Basic understanding of the ways in which these worldviews diverge from those in the natural sciences (with a focus on engineering), and the impact this has on the questions that are central to the social sciences and the methods and approaches used;
Advanced understanding of the strengths and weaknesses of risk management as a ‘one size fits all approach’ to any and all forms of risk;
Advanced understanding of the perceptions of, and theoretical/empirical approaches to risk in the social sciences, with a focus on sociology, public administration/governance, and law);
Advanced understanding of the relevance of various social sciences (with a focus on sociology, public administration/governance, and law) for cybersecurity;
Advanced understanding of the perceptions of, and theoretical/empirical approaches to understanding human behaviour in cyberspace, with a special focus on cybersecurity.
7 days from 9.30 until 17.00 in May and June 2019
Mode of instruction
Lectures, seminars, exercises, class discussion
prof.dr. Bibi van den Berg, a team of guest lecturers who will showcase their empirical/theoretical social science research on cybersecurity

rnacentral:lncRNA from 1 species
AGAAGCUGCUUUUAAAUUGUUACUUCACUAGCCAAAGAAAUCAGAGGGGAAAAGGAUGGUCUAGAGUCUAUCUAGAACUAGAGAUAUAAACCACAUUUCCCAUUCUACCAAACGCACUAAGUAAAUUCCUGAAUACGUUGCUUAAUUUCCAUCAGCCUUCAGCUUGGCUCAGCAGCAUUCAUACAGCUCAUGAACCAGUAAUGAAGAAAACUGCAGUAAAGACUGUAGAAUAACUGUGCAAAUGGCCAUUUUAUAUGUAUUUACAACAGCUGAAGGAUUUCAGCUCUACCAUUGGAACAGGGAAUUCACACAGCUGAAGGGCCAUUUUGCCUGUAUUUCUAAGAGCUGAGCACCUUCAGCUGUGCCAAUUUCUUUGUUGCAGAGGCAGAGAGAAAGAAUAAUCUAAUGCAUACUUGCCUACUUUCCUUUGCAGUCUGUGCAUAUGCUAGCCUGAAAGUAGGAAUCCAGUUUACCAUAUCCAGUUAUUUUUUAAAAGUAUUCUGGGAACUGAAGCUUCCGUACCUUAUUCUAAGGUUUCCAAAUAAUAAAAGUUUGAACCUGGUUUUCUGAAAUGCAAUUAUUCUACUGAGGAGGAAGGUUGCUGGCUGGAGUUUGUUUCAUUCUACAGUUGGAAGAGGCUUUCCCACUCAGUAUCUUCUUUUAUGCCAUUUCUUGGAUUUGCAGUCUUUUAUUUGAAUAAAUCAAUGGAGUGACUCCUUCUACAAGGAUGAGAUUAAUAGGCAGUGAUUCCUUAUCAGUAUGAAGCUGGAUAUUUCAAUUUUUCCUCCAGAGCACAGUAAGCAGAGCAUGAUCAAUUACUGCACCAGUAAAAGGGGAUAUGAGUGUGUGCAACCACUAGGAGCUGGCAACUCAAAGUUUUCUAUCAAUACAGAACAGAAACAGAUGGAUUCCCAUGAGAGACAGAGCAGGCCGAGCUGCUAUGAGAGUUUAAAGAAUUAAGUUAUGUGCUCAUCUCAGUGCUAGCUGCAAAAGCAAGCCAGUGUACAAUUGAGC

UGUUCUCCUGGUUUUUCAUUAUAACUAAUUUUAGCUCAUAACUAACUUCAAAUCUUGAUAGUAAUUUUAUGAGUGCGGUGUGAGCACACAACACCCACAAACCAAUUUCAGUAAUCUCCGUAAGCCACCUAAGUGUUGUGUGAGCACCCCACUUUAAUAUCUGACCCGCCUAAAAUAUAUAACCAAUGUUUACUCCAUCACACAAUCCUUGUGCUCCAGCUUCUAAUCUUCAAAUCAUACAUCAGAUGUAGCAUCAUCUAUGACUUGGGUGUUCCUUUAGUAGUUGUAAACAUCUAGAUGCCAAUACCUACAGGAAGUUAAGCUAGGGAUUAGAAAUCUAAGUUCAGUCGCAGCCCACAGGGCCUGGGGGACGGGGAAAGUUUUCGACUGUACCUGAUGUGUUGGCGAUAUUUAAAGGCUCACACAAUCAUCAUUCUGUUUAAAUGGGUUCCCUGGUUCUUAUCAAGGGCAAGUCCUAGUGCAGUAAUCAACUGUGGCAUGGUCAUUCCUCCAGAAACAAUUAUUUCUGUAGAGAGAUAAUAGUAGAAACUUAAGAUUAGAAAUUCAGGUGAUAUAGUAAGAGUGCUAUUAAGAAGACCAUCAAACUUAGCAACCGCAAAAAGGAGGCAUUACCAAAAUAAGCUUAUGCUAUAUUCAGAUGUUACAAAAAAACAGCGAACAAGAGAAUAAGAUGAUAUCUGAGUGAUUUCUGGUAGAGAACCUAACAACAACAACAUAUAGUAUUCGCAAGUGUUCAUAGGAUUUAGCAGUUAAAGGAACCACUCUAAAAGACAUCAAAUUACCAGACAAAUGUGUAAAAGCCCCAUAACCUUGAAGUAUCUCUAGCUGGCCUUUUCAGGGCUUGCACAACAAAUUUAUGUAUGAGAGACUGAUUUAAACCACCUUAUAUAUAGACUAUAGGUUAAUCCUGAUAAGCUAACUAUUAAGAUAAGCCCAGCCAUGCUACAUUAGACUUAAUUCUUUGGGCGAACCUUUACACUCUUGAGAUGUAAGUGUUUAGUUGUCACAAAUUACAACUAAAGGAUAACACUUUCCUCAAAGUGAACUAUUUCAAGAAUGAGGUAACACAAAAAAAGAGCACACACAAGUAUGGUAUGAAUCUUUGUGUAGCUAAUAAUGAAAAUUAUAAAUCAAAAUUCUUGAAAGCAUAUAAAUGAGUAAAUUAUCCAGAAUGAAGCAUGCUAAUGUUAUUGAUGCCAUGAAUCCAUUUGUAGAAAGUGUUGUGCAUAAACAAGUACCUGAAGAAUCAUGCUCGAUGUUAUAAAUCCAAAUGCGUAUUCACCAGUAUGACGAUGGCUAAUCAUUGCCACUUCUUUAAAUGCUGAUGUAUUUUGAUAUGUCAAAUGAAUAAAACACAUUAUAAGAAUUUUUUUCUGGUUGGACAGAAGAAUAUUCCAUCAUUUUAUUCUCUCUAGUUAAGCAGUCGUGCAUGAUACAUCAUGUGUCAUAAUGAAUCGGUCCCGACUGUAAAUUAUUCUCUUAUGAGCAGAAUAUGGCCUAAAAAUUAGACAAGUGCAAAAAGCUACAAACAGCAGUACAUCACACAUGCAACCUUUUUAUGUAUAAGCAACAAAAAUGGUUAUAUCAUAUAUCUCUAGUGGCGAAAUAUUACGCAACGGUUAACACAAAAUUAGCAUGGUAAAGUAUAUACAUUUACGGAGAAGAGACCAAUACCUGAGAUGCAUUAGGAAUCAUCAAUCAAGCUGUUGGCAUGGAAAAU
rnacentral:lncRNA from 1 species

Midterm exam (25%), final exam (75%).
Weighted average of Final Exam (75%) and Midterm exam (25%)
No compensation is possible for assignments of 30% or more. Only assessments with a weight under 30% are compensable. This means that one does not have to pass an assessment if it weighs less than 30% in order to pass the course, if the average of all assessments combined is at least a 5.5. In addition, assignments with less than 30% are not re-sitable, meaning that if one failed an assessment of less than 30%, one is not allowed to redo it.
Yes, for posting slides of lectures and relevant literature
Compulsory literature and literature for further consultation will be announced via Blackboard
No registration is required for lectures and exams.
Registration Studeren à la carte and Contractonderwijs